Fifty-seven years ago, in Paris, a handful of young expatriates started a little magazine devoted to fiction and poetry. This was not an obvious thing to do in 1953. The smart journals were dominated by criticism. Although they might include the occasional short story or some verse, out of politeness, poetry was treated as an object of specialized study, not as a going concern. Critics had been lamenting the Death of the Novel, and fiction in general, since the end of World War Two.
The Paris Review set out to prove the critics wrong—not by argument, but by example. In its first five years, the Review ran work by Jack Kerouac, Philip Larkin, V. S. Naipaul, Philip Roth, Adrienne Rich, Italo Calvino, Samuel Beckett, Nadine Gordimer, Jean Genet, and Robert Bly. Let the critics say what they liked (what serious critic could stomach Kerouac and Naipaul?), the writing was alive. The Review never espoused a school. The editors were against schools on principle. They didn’t do themes, either, or special issues. Their job, as they saw it, was to find and publish, not things they considered competent, or merely worthy, but things they actually loved.
What the editors lacked in consistency they made up for in breadth of appreciation. As Americans in Paris—and soon, as Americans back in New York—they paid cheerful attention to the artists in their midst. They ran a portfolio of visual art in every issue, often with commentary explaining why they’d chosen it. They also published essays more personal (and peculiar) than could be found in the regular journals. Kenneth Tynan described the death of the bullfighter Manolete. Giacometti gave his impressions of an auto show. Pati Hill wrote about cats.
This was all distinctly retro. It was belletristic. Not for nothing did Tom Wolfe tag George Plimpton, William Styron, Peter Matthiessen & Co. the Imitation Generation. They were living the dream of their youths, a dream shaped by the heroes they interviewed in the Review—Ernest Hemingway, William Faulkner, Ralph Ellison, Dorothy Parker, T. S. Eliot. They asked each for practical guidance on how the writing got done; they had simply rejected the memo informing them that the stuff they cared about—fiction and poetry—didn’t matter anymore, that it wasn’t grown-up.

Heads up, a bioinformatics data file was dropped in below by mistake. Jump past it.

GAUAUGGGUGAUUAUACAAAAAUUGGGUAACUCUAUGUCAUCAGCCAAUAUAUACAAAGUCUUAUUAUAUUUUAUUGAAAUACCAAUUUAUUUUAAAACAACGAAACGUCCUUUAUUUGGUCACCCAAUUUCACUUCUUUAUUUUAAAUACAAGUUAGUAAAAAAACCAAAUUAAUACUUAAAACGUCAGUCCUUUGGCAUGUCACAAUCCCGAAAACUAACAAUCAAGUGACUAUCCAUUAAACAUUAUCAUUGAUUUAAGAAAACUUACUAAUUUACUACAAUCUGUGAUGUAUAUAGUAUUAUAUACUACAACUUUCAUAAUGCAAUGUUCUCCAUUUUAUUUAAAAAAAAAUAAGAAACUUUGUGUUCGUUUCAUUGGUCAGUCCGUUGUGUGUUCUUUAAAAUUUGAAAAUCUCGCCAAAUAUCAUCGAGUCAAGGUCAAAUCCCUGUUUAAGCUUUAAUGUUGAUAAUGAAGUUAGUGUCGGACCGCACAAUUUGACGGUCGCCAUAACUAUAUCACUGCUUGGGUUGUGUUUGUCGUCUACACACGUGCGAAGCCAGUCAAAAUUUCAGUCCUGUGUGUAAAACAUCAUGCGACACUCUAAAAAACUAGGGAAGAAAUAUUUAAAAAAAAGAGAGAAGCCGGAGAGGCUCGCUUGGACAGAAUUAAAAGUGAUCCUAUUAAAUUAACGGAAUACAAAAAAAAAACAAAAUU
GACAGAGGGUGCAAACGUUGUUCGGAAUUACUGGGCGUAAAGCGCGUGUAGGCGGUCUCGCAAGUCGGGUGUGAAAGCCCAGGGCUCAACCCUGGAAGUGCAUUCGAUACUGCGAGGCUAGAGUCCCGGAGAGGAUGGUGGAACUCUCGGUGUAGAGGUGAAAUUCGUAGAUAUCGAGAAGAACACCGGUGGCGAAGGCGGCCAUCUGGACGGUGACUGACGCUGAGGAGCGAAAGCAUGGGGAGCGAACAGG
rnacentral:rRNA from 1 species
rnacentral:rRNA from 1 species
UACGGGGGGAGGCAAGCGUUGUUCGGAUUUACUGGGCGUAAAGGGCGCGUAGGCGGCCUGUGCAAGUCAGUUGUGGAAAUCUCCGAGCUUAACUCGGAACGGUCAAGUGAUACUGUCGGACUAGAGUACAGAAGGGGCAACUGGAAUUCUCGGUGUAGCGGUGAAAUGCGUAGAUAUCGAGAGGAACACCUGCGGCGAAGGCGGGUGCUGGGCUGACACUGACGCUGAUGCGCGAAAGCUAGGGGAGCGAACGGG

“Perhaps the critics are right,” Styron wrote in his preface to the first issue. “This generation may not produce literature equal to that of any past generation—who cares? The writer will be dead before anyone can judge him—but he must go on writing.” Roberto Bolaño couldn’t have put it better.
Our generation grew up with the Review as a fact of life. It was America’s literary magazine. To our minds, it still is. It has launched our favorite writers. It has made a special claim for the quarterly as such, being both timely and lasting, free of the news of the day or the pressure to please a crowd. Most of all, the Review has shown, repeatedly, that works of imagination can be as stylish and urgent as the flashiest feature reporting, and can do more to refocus our picture of the world.
Today we are reminded of 1953. For all the valiant efforts of little magazines, in print and on the Web, literature has again become an afterthought. The smart talk, the smart critical writing, is taken up with politics, the recession, environmental disaster, the wars, the new media, etc., etc., etc. With the rare exception of a book like Jonathan Franzen’s Freedom, the big magazines tend to deal with literature in one of two ways, either as entertainment (do people really get dumber at the beach?) or as a duty (eat your vegetables: they’re “deeply moving”). Many serious readers have given up on poems and short stories altogether—though, as the contents of this issue prove, both forms are in fighting condition.
Often we hear the question asked, in panels and symposia, “Can the literary journal in print thrive in the age of the Internet?” The real question is not whether journals can survive in some imagined future, but what we ourselves want and need. And when have we needed a great print journal more? Most of us spend our days in an enforced state of distraction, with nothing allowed to sink in. This Review is designed to sink in. It can’t be surfed. It won’t deliver your e-mail. It is, we submit to you, pleasing to the eye. The works here will demand that you read them from start to finish, or not at all.
Reader, we are constantly told that there aren’t enough of you anymore. Experience teaches us otherwise. Even “difficult” writing will find readers, if it is good, and if it comes from a trusted source. Growing up, our generation trusted The Paris Review because the editors knew contemporary writing in a cosmopolitan way. They followed their taste wherever it led and never lost the thrill of discovery. Our hope, as new editors of the Review, is that we will live up to their legacy and rival it, that being the best imitation there is.
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Michel Houellebecq, Norman Rush, Lydia Davis, and more.
Sam Lipsyte, The Worm in Philly
Daniel Bosch, Solutions to Autumn
Charles Harper Webb, Sand Fish
Dorothea Lasky, It's a Lonely World
Carol Muske-Dukes, Condolence Note: Los Angeles
J. D. Daniels, Letter from Cambridge